Laminitis

What Happens in the Hoof?

The causes can vary, but the result is the same. The suspensory apparatus of the hoof loses its functionality because the lamellae are being compromised. The bearing edge is the most accessible weight-bearing structure in the hoof. Physical forces reach and influence it first and are then transmitted to the inner parts. If the compromised connective tissue cannot withstand these forces, it will be unable to keep the hoof wall connected to the suspended coffin bone. The hoof wall continues to deviate from the bone, especially the parts of the hoof wall that are already bent concavely to the ground. The thick dorsal hoof wall is exposed to the most leverage and therefore affected the most.

Without the coffin bone attached adequately to its protective hoof wall, the bone may sink into the capsule if support is lacking. The weight of the horse drives the bone down, the horn capsule gives way, and the bone sinks closer to the ground. The coffin bone can even break through the sole if the lack of support is severe enough. As long as the bearing edge has to carry any weight, there can be no support for the coffin bone in acute laminitis.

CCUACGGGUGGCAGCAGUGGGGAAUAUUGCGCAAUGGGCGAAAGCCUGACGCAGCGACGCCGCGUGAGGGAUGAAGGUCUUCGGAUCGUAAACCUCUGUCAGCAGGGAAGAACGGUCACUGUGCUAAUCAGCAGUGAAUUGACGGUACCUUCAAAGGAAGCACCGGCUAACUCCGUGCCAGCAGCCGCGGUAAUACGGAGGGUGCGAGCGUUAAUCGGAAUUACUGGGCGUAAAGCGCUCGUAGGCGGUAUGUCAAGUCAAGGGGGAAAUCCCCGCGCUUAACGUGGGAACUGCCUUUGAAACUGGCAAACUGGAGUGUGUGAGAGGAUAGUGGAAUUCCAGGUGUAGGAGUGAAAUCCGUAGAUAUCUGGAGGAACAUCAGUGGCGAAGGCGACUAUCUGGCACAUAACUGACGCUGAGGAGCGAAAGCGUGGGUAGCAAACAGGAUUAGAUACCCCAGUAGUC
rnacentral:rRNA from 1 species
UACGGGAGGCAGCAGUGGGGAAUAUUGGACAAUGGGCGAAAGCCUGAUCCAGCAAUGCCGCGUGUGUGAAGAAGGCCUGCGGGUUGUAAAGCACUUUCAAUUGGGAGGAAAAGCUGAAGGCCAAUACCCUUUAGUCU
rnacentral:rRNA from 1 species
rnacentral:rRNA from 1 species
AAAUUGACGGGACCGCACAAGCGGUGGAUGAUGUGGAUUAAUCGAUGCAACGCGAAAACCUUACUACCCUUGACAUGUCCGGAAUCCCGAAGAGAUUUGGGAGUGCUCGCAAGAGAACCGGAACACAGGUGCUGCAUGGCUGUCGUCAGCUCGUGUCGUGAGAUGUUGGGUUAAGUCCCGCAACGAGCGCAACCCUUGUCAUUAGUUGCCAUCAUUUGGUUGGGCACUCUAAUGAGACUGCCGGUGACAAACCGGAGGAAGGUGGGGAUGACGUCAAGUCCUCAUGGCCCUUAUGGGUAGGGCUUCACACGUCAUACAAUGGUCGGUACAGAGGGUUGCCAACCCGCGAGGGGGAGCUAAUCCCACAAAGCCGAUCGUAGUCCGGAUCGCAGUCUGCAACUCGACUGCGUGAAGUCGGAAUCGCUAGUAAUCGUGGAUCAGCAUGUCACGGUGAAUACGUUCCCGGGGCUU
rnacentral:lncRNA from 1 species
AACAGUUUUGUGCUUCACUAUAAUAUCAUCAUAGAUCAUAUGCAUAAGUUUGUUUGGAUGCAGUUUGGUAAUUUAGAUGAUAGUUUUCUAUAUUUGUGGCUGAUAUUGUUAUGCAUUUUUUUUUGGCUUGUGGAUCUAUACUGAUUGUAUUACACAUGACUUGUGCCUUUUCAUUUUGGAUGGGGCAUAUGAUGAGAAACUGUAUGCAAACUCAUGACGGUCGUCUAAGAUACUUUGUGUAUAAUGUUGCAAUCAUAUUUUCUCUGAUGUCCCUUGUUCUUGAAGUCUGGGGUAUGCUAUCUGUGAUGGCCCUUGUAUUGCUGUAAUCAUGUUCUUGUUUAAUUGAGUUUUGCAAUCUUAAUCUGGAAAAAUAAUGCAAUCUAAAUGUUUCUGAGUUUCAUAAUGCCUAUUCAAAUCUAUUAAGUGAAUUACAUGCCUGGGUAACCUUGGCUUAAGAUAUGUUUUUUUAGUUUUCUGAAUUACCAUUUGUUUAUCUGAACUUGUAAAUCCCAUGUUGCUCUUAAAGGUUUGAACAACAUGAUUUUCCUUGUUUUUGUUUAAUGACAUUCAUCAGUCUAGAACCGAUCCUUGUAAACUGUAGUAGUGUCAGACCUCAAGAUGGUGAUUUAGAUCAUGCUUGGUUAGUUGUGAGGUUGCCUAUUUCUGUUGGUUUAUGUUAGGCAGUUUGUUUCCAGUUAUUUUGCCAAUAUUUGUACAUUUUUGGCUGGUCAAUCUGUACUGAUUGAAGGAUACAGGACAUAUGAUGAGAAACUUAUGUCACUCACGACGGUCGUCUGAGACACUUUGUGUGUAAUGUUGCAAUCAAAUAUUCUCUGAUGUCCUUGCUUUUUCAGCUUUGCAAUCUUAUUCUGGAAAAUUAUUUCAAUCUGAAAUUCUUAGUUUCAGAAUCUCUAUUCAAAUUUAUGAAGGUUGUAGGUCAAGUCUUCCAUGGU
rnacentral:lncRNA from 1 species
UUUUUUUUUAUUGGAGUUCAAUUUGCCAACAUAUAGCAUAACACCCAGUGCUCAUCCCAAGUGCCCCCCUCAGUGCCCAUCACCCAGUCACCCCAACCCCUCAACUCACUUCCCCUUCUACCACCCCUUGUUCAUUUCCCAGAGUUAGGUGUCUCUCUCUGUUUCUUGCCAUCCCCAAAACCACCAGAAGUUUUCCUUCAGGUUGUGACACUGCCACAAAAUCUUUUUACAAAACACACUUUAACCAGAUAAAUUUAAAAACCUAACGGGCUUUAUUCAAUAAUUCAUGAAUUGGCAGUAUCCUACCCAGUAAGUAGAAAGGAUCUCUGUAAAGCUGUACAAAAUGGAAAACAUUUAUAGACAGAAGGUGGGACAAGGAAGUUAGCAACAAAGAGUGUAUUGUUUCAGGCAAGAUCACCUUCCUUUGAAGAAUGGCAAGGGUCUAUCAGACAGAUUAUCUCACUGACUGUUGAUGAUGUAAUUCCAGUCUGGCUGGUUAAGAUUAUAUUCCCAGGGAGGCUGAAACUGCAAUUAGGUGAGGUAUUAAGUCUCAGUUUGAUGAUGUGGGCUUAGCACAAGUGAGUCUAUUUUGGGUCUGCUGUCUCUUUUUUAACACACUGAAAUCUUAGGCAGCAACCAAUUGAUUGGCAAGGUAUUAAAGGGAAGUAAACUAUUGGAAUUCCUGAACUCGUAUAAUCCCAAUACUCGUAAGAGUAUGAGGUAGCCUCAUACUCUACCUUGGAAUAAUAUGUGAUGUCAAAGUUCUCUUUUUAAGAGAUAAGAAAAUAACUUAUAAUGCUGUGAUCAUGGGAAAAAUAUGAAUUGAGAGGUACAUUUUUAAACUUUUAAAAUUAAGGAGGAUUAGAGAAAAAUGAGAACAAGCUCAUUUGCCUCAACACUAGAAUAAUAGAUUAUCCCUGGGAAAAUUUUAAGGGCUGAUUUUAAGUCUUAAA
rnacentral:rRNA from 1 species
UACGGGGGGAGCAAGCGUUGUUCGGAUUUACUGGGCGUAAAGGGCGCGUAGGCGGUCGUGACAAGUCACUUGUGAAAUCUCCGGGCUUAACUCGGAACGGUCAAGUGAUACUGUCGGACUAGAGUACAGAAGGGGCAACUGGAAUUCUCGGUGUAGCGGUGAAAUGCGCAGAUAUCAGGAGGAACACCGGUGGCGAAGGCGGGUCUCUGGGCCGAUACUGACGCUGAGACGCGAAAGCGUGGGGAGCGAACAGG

216.jpg

With the correct treatment of the hoof capsule and support of the coffin bone, the parallelism of bone and hoof wall can be restored.

Case 1

September 2020:

259.png
261.jpeg
260.png
262.jpeg

7 months later:

267.jpeg
269.HEIC
268.jpeg
270.HEIC

11 months later:

IMG_2126 copy.HEIC
IMG_2128 copy.HEIC

Case 2:

April

IMG_5421 copy.jpeg
IMG_5431 copy.jpeg

4 months later

IMG_0128 copy.JPG
IMG_0130 copy.JPG
IMG_1778 copy.JPG


8 months later

IMG_1234 copy.JPG

Case 3:

Severe chronic laminitis with chronically compromised lamellae


December:

IMG_1998 copy.JPG
IMG_2001 copy.JPG

 
March 7th:

IMG_3041 copy.JPG
IMG_3042 copy.JPG

 
April 27th:

IMG_3655 copy.JPG
IMG_3653 copy.JPG
IMG_3650 copy.JPG
IMG_3652 copy.JPG

July:

IMG_4207 copy.JPG
IMG_4209 copy.JPG
IMG_4211 copy.JPG
IMG_4208 copy.JPG